OK, what are the mechanisms now? These guys are fixed. So forget my little sketch here, and think again. What do you see? Alright, let's have one mechanism. What would one mechanism be now? There have to be two. What do you think? Sit on it. Alright, bring these guys down, and then these guys will go out, is that it? OK, so a number, mechanism number one, sit on truss. OK. Alright. Now, I don't know what number two is, that's why I'm taking time.

AUDIENCE: [INAUDIBLE]

PROFESSOR STRANG: Yeah. Or could we do this, could we bring these guys in and let's go up? It's the same thing. OK, so squeeze truss. Squeeze sides. Is that the same thing that I had, number one the same as two. Oh jeez, ok. Is that what everybody is agreeing with this? OK. So I didn't get, my number two was no good. OK. What's a better number two? Hold an edge? Like that one. I'm just doing what you say, I'm not.

AUDIENCE: [INAUDIBLE] Just this guy, rotates like so. And this guy will rotate, and this guy. That looks pretty good to me. Good, is that correct? Say that one again? So the first one was when these two came down and these went out. Right, OK. And now your suggestion is, you picked on this guy and held it fixed. And then this one came down a little bit. It'll, of course, how will it move? It will move perpendicular, right? Small movement. The bar is not going to change length, that's the whole point, right? The bar is not changing length. So the movement must be, it must be a simple rotation. Around here. OK. Right, and of course again you might say well, the bar really did change length because that's not quite the same as that. But then again that's my second order basis. So that one came down, and what did this one do? Came down the same. OK, and this one it also moves. What is that? OK, so what am I going to call this one? Fixed one. Yeah. Fixed one node. And that makes sense. Fixed one joint, yeah. And then, and rotate the rest. I think that would be possible. Yep.

OK, a small prize for anybody who, maybe handwritten, a picture of two really nice mechanisms. Somehow this one seems a little um-symmetric in a problem that so symmetric, so I would guess that somewhere along the line we could find a kind of more some symmetric one. But I don't see what it is right now. Can the whole thing rotate a little? Could that rotate, could the whole thing rotate? Yeah, maybe it could. This guy would go up, maybe that's possible. That's somehow got everybody into the action. So I'll put or rotate. OK, so you see what questions you get into. May I just draw a different truss? So those homework questions are other trusses. Here's one that I drew in the book itself. Yeah, may I draw this, I called it a treehouse. OK, so I have, so here's one that's actually in the book. And it's got a couple of bars going up, and one over. So that's the start. Then it's got a diagonal and that one. And then here comes the treehouse. OK, right. Well, just to get, let's again get the count right. So what's the matrix A for this treehouse? A is how many by how many? How many bars are you seeing here? One, two, three, four, five, six, seven, eight, eight bars. And how many unknown displacements? Ten.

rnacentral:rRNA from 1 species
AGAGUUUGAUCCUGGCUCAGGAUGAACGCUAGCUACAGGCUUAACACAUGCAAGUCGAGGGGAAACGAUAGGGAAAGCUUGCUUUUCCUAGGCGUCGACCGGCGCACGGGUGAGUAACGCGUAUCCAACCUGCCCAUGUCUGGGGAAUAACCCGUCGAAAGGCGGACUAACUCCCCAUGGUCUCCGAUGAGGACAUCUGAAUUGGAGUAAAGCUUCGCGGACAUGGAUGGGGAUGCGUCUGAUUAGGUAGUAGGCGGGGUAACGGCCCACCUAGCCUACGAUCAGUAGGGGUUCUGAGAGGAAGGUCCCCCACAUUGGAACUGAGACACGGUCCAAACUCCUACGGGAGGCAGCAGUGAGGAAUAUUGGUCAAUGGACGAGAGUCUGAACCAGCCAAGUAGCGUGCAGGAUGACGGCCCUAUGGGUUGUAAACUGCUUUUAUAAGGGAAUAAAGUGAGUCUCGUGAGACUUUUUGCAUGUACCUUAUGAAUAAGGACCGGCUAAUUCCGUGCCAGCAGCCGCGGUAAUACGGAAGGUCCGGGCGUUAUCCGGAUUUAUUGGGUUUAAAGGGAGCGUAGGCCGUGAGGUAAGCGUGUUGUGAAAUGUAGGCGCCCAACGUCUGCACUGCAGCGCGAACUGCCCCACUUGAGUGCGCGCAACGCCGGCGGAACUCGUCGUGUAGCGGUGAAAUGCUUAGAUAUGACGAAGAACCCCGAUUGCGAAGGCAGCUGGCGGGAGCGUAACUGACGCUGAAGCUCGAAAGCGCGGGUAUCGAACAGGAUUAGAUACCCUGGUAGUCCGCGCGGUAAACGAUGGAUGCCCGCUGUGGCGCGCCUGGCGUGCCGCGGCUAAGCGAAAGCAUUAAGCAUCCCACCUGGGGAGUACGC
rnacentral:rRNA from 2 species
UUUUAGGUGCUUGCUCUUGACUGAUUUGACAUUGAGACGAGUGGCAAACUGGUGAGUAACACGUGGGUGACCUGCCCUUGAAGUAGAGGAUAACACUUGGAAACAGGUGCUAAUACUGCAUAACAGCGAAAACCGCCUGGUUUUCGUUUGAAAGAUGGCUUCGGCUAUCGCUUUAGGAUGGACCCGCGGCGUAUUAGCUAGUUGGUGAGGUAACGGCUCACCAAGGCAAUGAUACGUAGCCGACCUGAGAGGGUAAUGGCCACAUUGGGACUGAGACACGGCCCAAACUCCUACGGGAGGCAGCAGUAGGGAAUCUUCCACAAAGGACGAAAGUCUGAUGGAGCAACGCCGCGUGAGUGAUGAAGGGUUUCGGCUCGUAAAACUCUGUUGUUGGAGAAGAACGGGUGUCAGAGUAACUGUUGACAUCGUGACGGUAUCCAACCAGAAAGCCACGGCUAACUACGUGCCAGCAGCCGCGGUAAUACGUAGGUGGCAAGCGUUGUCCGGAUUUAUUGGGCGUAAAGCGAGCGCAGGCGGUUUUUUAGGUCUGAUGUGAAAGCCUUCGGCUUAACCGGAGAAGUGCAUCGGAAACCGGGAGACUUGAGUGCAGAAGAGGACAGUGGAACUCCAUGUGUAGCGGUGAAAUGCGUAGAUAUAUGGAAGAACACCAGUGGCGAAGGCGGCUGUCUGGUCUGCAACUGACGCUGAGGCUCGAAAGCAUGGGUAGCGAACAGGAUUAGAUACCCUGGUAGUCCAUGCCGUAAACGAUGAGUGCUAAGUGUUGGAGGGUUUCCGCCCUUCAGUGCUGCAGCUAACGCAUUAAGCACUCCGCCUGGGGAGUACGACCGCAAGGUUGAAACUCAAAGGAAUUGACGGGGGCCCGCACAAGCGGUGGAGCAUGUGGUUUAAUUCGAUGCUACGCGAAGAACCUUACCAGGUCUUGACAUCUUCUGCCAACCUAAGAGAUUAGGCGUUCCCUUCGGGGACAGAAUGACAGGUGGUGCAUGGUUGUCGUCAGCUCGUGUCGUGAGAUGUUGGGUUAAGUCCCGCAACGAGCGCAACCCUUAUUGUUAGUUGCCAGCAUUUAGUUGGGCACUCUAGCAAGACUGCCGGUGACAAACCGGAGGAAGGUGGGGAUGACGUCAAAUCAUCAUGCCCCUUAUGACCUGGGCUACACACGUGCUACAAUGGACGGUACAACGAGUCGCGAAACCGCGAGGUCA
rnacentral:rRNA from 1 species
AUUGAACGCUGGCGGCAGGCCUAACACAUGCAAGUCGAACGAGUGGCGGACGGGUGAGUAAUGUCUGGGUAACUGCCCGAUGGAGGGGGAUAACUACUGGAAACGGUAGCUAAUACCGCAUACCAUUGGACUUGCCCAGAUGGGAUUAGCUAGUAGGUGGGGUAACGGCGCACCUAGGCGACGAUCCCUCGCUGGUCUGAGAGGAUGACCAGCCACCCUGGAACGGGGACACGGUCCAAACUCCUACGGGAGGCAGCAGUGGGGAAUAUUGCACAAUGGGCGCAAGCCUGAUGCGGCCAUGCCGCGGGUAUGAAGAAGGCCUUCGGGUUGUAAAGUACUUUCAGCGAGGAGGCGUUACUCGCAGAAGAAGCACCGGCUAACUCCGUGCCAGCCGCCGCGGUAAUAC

We got five joints that are not supported, and each one has two unknowns. So A is eight by ten. So I expect two mechanisms. OK, so again I'm looking for two mechanisms. OK, what's one?

AUDIENCE: [INAUDIBLE]

PROFESSOR STRANG: It's what? This guy just falls, right. This looks unfortunately very much like the treehouses that I built for my kids. Well, so linear algebra sentenced them to fall, right? OK, that's one. I probably propped it up with one more bar, but of course that wouldn't be enough, because it's got two mechanisms, so if I make it nine by ten I haven't saved the kids. OK, with eight by ten, what's the other mechanisms? The whole thing could turn the, nothing preventing turning here. They can't move but they could turn. So the whole thing could go over, right, the whole thing could just, that would be a horizontal movement of all five nodes. The horizontal of all five nodes. And again, slightly downwards, but that's a second order effect. OK, so that's the second truss. OK. So this is really like practice for discrete problems, for the problems of plane elasticity. And the point is that there are two unknowns for each point. If we have differential equations. So the differential equations of plane elasticity are not really simple. They're not really simple. And 3-D elasticity even more. Because the points are physical points and they can move three ways, and it gets quite interesting. And those are the major problems of computational mechanics. OK, let's say, holiday time and I'll see you next Wednesday for Chapter 3. Which moves to partial differential equations.